A Jim Beam warehouse went up in flames in Versailles, Kentucky, Tuesday night, and by Wednesday it was "a burning pile of rubble," with thousands of gallons of bourbon runoff spilling into nearby waterways and "a strong scent of bourbon ... in the air," per the Courier-Journal. At this point, firefighters are spraying water only on the buildings next to the burning warehouse, in order to contain the fire, a spokesperson for the Kentucky Energy and Environment Cabinet said. "Putting water on the fire would just increase the runoff," he explains. "This fire is so hot that we think the best thing to do is let it consume all of the bourbon rather than having more of it go into the stream." Officials anticipate the runoff will kill a "significant" number of fish in the Kentucky River and Glenns Creek, but WKYT reports there are no current concerns regarding drinking water.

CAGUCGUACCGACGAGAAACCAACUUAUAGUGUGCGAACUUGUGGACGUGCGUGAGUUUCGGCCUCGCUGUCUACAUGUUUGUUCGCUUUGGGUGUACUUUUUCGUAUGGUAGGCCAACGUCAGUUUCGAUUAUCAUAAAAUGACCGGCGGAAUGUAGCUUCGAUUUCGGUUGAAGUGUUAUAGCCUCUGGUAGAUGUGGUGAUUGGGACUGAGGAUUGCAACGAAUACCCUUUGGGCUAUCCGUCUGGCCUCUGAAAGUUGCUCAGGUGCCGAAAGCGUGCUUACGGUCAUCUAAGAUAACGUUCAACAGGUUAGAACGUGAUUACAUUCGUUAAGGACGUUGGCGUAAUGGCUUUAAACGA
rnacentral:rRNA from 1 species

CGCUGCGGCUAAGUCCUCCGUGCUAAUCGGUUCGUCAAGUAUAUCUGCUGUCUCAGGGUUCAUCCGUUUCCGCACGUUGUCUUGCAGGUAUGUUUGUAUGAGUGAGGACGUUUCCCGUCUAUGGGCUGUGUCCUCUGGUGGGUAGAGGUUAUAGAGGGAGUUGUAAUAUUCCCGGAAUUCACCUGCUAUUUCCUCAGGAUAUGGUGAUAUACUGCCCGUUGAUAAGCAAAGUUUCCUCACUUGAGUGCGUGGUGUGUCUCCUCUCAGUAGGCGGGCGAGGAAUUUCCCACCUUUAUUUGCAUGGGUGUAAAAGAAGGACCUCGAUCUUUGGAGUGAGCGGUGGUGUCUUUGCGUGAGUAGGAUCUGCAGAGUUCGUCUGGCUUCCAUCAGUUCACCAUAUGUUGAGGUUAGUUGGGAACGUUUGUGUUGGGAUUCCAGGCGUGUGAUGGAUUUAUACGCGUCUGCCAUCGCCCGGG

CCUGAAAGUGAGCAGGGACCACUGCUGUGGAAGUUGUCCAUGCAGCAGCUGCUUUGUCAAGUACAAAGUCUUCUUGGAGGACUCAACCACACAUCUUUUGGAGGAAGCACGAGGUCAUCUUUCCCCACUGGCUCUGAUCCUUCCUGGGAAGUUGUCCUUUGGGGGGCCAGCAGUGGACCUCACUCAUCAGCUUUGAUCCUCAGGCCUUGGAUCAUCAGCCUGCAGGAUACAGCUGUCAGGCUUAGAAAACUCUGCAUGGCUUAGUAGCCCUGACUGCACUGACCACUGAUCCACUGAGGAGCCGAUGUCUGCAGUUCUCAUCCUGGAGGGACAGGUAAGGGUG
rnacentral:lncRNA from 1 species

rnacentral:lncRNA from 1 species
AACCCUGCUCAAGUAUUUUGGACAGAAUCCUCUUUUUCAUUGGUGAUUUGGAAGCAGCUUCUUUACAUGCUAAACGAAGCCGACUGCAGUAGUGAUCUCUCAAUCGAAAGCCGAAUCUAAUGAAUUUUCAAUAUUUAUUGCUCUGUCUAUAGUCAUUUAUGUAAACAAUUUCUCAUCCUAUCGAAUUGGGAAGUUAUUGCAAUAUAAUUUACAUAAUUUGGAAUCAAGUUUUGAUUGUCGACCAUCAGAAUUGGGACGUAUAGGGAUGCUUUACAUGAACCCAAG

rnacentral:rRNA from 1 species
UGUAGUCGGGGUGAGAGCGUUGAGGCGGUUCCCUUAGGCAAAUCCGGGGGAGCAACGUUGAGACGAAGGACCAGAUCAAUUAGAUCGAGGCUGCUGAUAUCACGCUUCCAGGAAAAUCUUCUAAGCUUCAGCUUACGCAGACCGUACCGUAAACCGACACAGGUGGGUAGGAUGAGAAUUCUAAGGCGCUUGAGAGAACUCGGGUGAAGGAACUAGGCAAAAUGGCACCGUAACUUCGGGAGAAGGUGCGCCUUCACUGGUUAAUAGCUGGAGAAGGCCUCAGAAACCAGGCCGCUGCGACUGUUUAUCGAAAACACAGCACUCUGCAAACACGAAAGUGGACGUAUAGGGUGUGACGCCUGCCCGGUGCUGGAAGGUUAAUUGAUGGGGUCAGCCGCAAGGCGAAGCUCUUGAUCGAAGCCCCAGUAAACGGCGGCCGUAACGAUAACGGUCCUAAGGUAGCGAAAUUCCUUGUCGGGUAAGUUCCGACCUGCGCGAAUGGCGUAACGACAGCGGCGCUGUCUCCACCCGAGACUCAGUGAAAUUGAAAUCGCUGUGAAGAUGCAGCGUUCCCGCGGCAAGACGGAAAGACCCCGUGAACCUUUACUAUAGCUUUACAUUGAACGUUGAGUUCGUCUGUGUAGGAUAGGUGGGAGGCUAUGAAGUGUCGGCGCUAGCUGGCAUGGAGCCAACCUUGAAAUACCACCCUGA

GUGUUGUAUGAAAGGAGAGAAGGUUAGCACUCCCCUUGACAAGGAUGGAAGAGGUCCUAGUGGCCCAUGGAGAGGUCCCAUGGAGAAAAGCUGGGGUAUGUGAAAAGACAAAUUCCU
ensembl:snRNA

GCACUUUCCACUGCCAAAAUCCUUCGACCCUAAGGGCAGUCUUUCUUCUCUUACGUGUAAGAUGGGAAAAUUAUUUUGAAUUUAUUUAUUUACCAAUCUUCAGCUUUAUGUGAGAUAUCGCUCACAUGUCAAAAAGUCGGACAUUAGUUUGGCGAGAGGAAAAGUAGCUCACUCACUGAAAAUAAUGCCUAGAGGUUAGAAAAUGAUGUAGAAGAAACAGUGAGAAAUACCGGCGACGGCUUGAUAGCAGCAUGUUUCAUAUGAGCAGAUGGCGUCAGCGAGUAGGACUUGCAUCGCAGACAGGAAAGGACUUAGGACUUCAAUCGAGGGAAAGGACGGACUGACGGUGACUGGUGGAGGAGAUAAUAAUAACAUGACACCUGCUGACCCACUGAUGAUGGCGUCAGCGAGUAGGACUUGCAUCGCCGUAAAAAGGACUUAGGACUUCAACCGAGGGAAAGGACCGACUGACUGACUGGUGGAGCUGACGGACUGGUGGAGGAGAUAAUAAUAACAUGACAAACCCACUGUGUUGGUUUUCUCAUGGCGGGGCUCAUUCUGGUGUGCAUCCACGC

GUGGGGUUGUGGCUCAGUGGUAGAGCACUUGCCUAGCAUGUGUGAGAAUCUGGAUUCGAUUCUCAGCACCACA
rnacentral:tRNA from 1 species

The cause of the blaze has not been confirmed, but according to Beam Suntory, the Chicago-based spirits company that owns Jim Beam, initial reports indicate a lightning strike started it; rain and lightning were reported in the area Tuesday night. The intense heat from the burning liquor made fighting the fire a challenge on a day when temperatures are already in the mid-to-upper 80s, officials say; the heat even melted the windows of a nearby house. The fire did spread to a second warehouse, but flames were able to be put out in the second building. The burning warehouse contained 45,000 bourbon barrels; a standard barrel typically holds about 53 gallons of bourbon. In a separate piece, the Courier-Journal offers a eulogy to the 6 million bottles of bourbon that may have been lost. (Read more Jim Beam stories.)